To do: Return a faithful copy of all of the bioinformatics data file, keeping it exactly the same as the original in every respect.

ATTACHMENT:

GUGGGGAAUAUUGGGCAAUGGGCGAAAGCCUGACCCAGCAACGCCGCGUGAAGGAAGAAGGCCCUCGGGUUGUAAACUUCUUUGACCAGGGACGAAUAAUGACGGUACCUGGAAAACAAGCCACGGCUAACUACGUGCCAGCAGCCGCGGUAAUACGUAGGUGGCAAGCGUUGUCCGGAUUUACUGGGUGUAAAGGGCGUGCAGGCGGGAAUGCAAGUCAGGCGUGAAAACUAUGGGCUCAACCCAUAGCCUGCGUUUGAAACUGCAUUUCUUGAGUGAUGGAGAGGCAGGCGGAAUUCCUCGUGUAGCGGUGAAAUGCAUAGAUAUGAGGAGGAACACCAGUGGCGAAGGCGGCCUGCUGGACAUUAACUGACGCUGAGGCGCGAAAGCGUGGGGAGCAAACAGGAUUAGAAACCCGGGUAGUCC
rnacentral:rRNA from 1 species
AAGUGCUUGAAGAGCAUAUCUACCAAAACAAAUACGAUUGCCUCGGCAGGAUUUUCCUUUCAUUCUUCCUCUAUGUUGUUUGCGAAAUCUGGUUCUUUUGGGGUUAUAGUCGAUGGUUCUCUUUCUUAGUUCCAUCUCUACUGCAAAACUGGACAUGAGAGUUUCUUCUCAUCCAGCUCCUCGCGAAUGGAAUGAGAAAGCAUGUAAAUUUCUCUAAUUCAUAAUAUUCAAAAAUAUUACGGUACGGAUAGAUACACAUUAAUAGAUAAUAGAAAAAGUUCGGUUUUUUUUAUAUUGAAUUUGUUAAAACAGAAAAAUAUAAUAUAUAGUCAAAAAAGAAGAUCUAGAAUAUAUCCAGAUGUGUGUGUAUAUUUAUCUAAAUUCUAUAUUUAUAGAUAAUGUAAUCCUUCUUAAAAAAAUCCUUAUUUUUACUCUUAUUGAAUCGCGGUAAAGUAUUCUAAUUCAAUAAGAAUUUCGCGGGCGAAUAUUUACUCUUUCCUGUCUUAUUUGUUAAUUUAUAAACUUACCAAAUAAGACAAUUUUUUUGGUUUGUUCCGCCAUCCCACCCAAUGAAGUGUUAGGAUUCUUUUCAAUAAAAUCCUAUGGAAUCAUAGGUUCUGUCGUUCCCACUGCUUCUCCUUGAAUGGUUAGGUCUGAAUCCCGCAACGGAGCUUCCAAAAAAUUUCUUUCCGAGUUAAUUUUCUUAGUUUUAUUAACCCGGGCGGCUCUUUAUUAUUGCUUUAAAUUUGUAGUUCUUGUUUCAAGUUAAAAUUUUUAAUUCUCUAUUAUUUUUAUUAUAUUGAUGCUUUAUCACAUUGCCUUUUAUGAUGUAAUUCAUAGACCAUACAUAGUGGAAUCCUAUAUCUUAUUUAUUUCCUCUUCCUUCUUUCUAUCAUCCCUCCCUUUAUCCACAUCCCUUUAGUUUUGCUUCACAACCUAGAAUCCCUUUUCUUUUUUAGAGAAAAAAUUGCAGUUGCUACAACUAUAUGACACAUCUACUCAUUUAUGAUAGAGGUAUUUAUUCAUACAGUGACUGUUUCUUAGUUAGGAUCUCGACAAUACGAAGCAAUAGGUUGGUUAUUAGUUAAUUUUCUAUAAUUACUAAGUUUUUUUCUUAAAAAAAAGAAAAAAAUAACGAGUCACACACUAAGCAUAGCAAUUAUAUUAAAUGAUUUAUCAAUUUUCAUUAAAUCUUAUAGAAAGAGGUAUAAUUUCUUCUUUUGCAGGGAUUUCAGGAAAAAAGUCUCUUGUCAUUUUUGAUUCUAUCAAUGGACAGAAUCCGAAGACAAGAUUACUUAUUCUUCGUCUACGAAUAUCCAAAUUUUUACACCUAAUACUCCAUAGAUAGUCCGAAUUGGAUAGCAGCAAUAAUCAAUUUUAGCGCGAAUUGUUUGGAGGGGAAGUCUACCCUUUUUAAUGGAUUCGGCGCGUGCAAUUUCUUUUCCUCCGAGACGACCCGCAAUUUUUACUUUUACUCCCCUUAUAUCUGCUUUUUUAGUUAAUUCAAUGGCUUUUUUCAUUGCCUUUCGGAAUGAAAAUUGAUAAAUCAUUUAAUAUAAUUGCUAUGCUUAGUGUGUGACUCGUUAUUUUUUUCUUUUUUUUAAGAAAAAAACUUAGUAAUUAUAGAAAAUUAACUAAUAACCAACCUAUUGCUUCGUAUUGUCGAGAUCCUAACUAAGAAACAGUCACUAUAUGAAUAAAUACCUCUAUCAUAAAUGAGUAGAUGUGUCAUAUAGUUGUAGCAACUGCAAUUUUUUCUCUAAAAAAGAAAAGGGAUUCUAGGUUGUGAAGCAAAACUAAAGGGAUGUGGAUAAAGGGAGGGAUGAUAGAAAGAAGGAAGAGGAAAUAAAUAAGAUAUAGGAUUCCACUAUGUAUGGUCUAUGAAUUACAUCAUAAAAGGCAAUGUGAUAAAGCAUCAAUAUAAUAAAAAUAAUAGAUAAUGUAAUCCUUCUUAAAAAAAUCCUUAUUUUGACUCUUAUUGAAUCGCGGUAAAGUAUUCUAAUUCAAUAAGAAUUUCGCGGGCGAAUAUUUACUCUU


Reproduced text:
GUGGGGAAUAUUGGGCAAUGGGCGAAAGCCUGACCCAGCAACGCCGCGUGAAGGAAGAAGGCCCUCGGGUUGUAAACUUCUUUGACCAGGGACGAAUAAUGACGGUACCUGGAAAACAAGCCACGGCUAACUACGUGCCAGCAGCCGCGGUAAUACGUAGGUGGCAAGCGUUGUCCGGAUUUACUGGGUGUAAAGGGCGUGCAGGCGGGAAUGCAAGUCAGGCGUGAAAACUAUGGGCUCAACCCAUAGCCUGCGUUUGAAACUGCAUUUCUUGAGUGAUGGAGAGGCAGGCGGAAUUCCUCGUGUAGCGGUGAAAUGCAUAGAUAUGAGGAGGAACACCAGUGGCGAAGGCGGCCUGCUGGACAUUAACUGACGCUGAGGCGCGAAAGCGUGGGGAGCAAACAGGAUUAGAAACCCGGGUAGUCC
rnacentral:rRNA from 1 species
AAGUGCUUGAAGAGCAUAUCUACCAAAACAAAUACGAUUGCCUCGGCAGGAUUUUCCUUUCAUUCUUCCUCUAUGUUGUUUGCGAAAUCUGGUUCUUUUGGGGUUAUAGUCGAUGGUUCUCUUUCUUAGUUCCAUCUCUACUGCAAAACUGGACAUGAGAGUUUCUUCUCAUCCAGCUCCUCGCGAAUGGAAUGAGAAAGCAUGUAAAUUUCUCUAAUUCAUAAUAUUCAAAAAUAUUACGGUACGGAUAGAUACACAUUAAUAGAUAAUAGAAAAAGUUCGGUUUUUUUUAUAUUGAAUUUGUUAAAACAGAAAAAUAUAAUAUAUAGUCAAAAAAGAAGAUCUAGAAUAUAUCCAGAUGUGUGUGUAUAUUUAUCUAAAUUCUAUAUUUAUAGAUAAUGUAAUCCUUCUUAAAAAAAUCCUUAUUUUUACUCUUAUUGAAUCGCGGUAAAGUAUUCUAAUUCAAUAAGAAUUUCGCGGGCGAAUAUUUACUCUUUCCUGUCUUAUUUGUUAAUUUAUAAACUUACCAAAUAAGACAAUUUUUUUGGUUUGUUCCGCCAUCCCACCCAAUGAAGUGUUAGGAUUCUUUUCAAUAAAAUCCUAUGGAAUCAUAGGUUCUGUCGUUCCCACUGCUUCUCCUUGAAUGGUUAGGUCUGAAUCCCGCAACGGAGCUUCCAAAAAAUUUCUUUCCGAGUUAAUUUUCUUAGUUUUAUUAACCCGGGCGGCUCUUUAUUAUUGCUUUAAAUUUGUAGUUCUUGUUUCAAGUUAAAAUUUUUAAUUCUCUAUUAUUUUUAUUAUAUUGAUGCUUUAUCACAUUGCCUUUUAUGAUGUAAUUCAUAGACCAUACAUAGUGGAAUCCUAUAUCUUAUUUAUUUCCUCUUCCUUCUUUCUAUCAUCCCUCCCUUUAUCCACAUCCCUUUAGUUUUGCUUCACAACCUAGAAUCCCUUUUCUUUUUUAGAGAAAAAAUUGCAGUUGCUACAACUAUAUGACACAUCUACUCAUUUAUGAUAGAGGUAUUUAUUCAUACAGUGACUGUUUCUUAGUUAGGAUCUCGACAAUACGAAGCAAUAGGUUGGUUAUUAGUUAAUUUUCUAUAAUUACUAAGUUUUUUUCUUAAAAAAAAGAAAAAAAUAACGAGUCACACACUAAGCAUAGCAAUUAUAUUAAAUGAUUUAUCAAUUUUCAUUAAAUCUUAUAGAAAGAGGUAUAAUUUCUUCUUUUGCAGGGAUUUCAGGAAAAAAGUCUCUUGUCAUUUUUGAUUCUAUCAAUGGACAGAAUCCGAAGACAAGAUUACUUAUUCUUCGUCUACGAAUAUCCAAAUUUUUACACCUAAUACUCCAUAGAUAGUCCGAAUUGGAUAGCAGCAAUAAUCAAUUUUAGCGCGAAUUGUUUGGAGGGGAAGUCUACCCUUUUUAAUGGAUUCGGCGCGUGCAAUUUCUUUUCCUCCGAGACGACCCGCAAUUUUUACUUUUACUCCCCUUAUAUCUGCUUUUUUAGUUAAUUCAAUGGCUUUUUUCAUUGCCUUUCGGAAUGAAAAUUGAUAAAUCAUUUAAUAUAAUUGCUAUGCUUAGUGUGUGACUCGUUAUUUUUUUCUUUUUUUUAAGAAAAAAACUUAGUAAUUAUAGAAAAUUAACUAAUAACCAACCUAUUGCUUCGUAUUGUCGAGAUCCUAACUAAGAAACAGUCACUAUAUGAAUAAAUACCUCUAUCAUAAAUGAGUAGAUGUGUCAUAUAGUUGUAGCAACUGCAAUUUUUUCUCUAAAAAAGAAAAGGGAUUCUAGGUUGUGAAGCAAAACUAAAGGGAUGUGGAUAAAGGGAGGGAUGAUAGAAAGAAGGAAGAGGAAAUAAAUAAGAUAUAGGAUUCCACUAUGUAUGGUCUAUGAAUUACAUCAUAAAAGGCAAUGUGAUAAAGCAUCAAUAUAAUAAAAAUAAUAGAUAAUGUAAUCCUUCUUAAAAAAAUCCUUAUUUUGACUCUUAUUGAAUCGCGGUAAAGUAUUCUAAUUCAAUAAGAAUUUCGCGGGCGAAUAUUUACUCUU